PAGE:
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A Better Way To Describe Customer Segments

When we start to think about our customers, there are two important categories to observe, and one is much easier than the other.

 

The easy one is Demographics, which are the broad, obvious ways of categorizing people. These include Age, Gender, Income, Geographic Location (i.e. what suburb they live in), right down to what size shoe they wear.

These are dangerous, because as we know, people are much more complex than just the usual stereotypes. Yes, sometimes your customers can be categorically defined, maybe they need to live within 10kms of your restaurant, or are too young to be contemplating different retirement villages, but even then these are just starting points.

 

The REAL skill is in isolating the Psychographics; the attitudes, worldviews and beliefs that shape your customer’s personality.

These are hard because they’re invisible, and can be hard to pinpoint. For example, what motivates your customer? What drives their social conscience? This isn’t a Yes/No question; the person who sponsors a World Vision child doesn’t necessarily also own a KeepCup or buy The Big Issue. They might not vote for the Greens, or worry about their Food Miles.

 

What worldview does a person need to hold in order for them to see value in your product? It’s tempting for us to say “All I’m asking is for people to pay a little extra and we can do a world of good!” but the reality is that the vast majority of shoppers don’t think that way.  We need to look at competing motivations; would your customer rather offset their carbon from a long haul flight, or keep that money in their pocket? Are we asking people to pay a premium in order to do something good for society?

 

If we are, then the question needs to be asked: How many people ACTUALLY care enough about your cause that they will go out of their way to shop with you? Selling to Social Enterprise aficionados isn’t hard; the hard part is selling to the other 99.9% of the population.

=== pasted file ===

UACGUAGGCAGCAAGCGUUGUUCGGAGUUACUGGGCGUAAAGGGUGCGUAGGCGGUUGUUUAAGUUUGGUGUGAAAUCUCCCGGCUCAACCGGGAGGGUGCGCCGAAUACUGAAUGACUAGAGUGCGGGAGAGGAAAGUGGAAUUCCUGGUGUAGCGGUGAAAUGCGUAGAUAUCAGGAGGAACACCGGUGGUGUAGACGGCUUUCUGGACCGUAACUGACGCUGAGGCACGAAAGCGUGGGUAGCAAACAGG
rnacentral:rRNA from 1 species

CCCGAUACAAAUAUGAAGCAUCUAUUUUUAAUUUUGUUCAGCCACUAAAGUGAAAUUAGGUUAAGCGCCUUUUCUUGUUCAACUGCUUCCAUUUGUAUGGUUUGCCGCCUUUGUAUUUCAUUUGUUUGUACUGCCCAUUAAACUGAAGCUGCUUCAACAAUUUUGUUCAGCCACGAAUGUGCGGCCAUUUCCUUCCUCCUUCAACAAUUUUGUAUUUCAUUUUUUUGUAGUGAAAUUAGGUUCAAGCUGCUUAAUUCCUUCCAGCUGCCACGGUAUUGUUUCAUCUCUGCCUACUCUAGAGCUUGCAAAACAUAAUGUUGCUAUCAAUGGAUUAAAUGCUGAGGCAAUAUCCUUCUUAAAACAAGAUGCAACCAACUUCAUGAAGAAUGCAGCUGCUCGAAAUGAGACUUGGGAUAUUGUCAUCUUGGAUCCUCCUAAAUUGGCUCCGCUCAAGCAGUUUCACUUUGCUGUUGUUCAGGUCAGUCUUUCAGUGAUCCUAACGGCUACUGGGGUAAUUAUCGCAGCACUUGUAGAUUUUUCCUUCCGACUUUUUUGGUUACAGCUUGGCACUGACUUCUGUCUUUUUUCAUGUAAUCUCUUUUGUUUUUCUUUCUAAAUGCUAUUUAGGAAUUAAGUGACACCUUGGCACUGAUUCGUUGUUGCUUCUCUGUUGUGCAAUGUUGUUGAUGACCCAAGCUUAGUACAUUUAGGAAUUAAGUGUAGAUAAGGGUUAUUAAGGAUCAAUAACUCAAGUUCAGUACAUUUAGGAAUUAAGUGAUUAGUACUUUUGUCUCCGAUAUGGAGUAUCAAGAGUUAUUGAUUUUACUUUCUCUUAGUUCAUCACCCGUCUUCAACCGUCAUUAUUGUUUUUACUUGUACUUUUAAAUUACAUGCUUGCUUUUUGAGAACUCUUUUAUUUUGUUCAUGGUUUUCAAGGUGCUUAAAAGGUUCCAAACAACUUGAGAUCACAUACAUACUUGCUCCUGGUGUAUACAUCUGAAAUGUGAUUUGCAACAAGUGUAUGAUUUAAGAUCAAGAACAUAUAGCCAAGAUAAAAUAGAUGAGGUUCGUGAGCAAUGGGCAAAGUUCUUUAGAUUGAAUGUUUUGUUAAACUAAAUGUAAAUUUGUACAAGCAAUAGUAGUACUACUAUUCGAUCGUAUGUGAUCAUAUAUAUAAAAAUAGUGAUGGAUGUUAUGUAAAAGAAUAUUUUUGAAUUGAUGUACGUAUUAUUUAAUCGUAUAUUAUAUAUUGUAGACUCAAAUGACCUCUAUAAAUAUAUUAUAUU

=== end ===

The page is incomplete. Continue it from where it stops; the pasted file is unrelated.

What beliefs does someone need to hold in order for them to see value in your business? Where do these people congregate? How do we communicate with them in a way that’s effective? Gone are the days of “Interruption Marketing”, when the key to success was to get on TV and in front of the nation’s eyeballs. We’re in an era where customers are more spread out and well informed than ever before. This is a blessing and a curse; it’s easy to reach them but ONLY if you know what Psychographics you’re looking for.

 

Here’s a good starting point, some of these will be more relevant than others, but try them all on;

·      Who will your customers be voting for at the next election?

·      Does my customer care about whether their groceries are Fair Trade?

·      What topics get them fired up in conversations? What are their friends and families sick of hearing about?

·      Would our customers know what a Social Enterprise is?

·      What percentage of our customers identify as being particularly religious? How do their beliefs impact on their behaviour?

·      Are your customers considered connoisseurs of a particular product or service? Do they spend abnormally large amounts of money on specific things?

·      How far will they go to get the best possible product? What are they willing to forego in order to save few dollars?

·      Where does your customer like to go for their holidays? How do they spend their free time?

 

Walking a mile in your customer’s shoes is often uncomfortable, but it enables you to make better business decisions. Keep observing and learning about how your customers think, and start scheming up solutions to their future needs.

Frankly, it’s too costly not to know them inside-out.

An Introduction To Blended Value

An Introduction To Blended Value

Earn or Learn?